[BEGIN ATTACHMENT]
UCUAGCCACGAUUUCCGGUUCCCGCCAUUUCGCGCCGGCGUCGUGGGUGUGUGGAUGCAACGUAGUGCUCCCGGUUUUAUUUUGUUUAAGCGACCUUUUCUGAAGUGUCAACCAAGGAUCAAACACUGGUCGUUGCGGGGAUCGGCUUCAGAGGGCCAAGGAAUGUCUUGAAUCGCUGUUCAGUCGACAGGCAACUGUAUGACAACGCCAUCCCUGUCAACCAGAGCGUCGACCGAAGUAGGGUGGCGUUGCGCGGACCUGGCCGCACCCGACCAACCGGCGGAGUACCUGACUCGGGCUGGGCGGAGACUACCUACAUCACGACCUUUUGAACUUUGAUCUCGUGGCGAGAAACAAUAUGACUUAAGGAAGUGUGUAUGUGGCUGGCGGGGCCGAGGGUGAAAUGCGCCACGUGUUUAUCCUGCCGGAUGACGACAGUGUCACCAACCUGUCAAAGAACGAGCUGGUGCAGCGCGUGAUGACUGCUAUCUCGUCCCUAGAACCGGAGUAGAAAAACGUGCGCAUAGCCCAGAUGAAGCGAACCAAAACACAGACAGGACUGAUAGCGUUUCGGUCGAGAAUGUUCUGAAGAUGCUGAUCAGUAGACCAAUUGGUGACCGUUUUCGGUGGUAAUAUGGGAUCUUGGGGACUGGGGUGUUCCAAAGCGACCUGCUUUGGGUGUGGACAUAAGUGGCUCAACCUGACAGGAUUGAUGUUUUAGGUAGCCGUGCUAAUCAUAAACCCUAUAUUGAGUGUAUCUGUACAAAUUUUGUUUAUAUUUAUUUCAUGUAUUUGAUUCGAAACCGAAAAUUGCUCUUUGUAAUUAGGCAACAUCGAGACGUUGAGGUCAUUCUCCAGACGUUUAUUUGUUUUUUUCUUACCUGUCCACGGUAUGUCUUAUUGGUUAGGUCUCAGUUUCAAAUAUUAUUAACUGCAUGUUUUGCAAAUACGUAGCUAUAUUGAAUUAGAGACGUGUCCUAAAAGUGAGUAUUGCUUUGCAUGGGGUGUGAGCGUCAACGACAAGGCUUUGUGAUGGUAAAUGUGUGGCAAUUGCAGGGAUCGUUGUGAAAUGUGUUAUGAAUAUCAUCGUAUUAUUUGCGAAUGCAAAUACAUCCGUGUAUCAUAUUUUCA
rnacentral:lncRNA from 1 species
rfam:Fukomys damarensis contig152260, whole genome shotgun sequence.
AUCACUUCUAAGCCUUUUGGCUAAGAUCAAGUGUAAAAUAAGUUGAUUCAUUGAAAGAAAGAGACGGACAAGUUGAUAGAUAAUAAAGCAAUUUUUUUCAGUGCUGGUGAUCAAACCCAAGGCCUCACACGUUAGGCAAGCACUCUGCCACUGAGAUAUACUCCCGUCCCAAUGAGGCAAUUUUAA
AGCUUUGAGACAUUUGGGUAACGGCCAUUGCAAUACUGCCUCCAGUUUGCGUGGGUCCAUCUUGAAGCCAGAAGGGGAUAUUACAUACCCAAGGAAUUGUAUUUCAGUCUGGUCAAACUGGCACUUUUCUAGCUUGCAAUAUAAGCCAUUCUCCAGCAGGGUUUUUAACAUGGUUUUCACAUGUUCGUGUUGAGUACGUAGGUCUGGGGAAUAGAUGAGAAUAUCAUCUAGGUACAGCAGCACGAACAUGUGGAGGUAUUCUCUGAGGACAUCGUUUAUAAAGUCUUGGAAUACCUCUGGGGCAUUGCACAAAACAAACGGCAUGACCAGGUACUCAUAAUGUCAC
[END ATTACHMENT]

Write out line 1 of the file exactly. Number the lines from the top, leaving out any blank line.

UCUAGCCACGAUUUCCGGUUCCCGCCAUUUCGCGCCGGCGUCGUGGGUGUGUGGAUGCAACGUAGUGCUCCCGGUUUUAUUUUGUUUAAGCGACCUUUUCUGAAGUGUCAACCAAGGAUCAAACACUGGUCGUUGCGGGGAUCGGCUUCAGAGGGCCAAGGAAUGUCUUGAAUCGCUGUUCAGUCGACAGGCAACUGUAUGACAACGCCAUCCCUGUCAACCAGAGCGUCGACCGAAGUAGGGUGGCGUUGCGCGGACCUGGCCGCACCCGACCAACCGGCGGAGUACCUGACUCGGGCUGGGCGGAGACUACCUACAUCACGACCUUUUGAACUUUGAUCUCGUGGCGAGAAACAAUAUGACUUAAGGAAGUGUGUAUGUGGCUGGCGGGGCCGAGGGUGAAAUGCGCCACGUGUUUAUCCUGCCGGAUGACGACAGUGUCACCAACCUGUCAAAGAACGAGCUGGUGCAGCGCGUGAUGACUGCUAUCUCGUCCCUAGAACCGGAGUAGAAAAACGUGCGCAUAGCCCAGAUGAAGCGAACCAAAACACAGACAGGACUGAUAGCGUUUCGGUCGAGAAUGUUCUGAAGAUGCUGAUCAGUAGACCAAUUGGUGACCGUUUUCGGUGGUAAUAUGGGAUCUUGGGGACUGGGGUGUUCCAAAGCGACCUGCUUUGGGUGUGGACAUAAGUGGCUCAACCUGACAGGAUUGAUGUUUUAGGUAGCCGUGCUAAUCAUAAACCCUAUAUUGAGUGUAUCUGUACAAAUUUUGUUUAUAUUUAUUUCAUGUAUUUGAUUCGAAACCGAAAAUUGCUCUUUGUAAUUAGGCAACAUCGAGACGUUGAGGUCAUUCUCCAGACGUUUAUUUGUUUUUUUCUUACCUGUCCACGGUAUGUCUUAUUGGUUAGGUCUCAGUUUCAAAUAUUAUUAACUGCAUGUUUUGCAAAUACGUAGCUAUAUUGAAUUAGAGACGUGUCCUAAAAGUGAGUAUUGCUUUGCAUGGGGUGUGAGCGUCAACGACAAGGCUUUGUGAUGGUAAAUGUGUGGCAAUUGCAGGGAUCGUUGUGAAAUGUGUUAUGAAUAUCAUCGUAUUAUUUGCGAAUGCAAAUACAUCCGUGUAUCAUAUUUUCA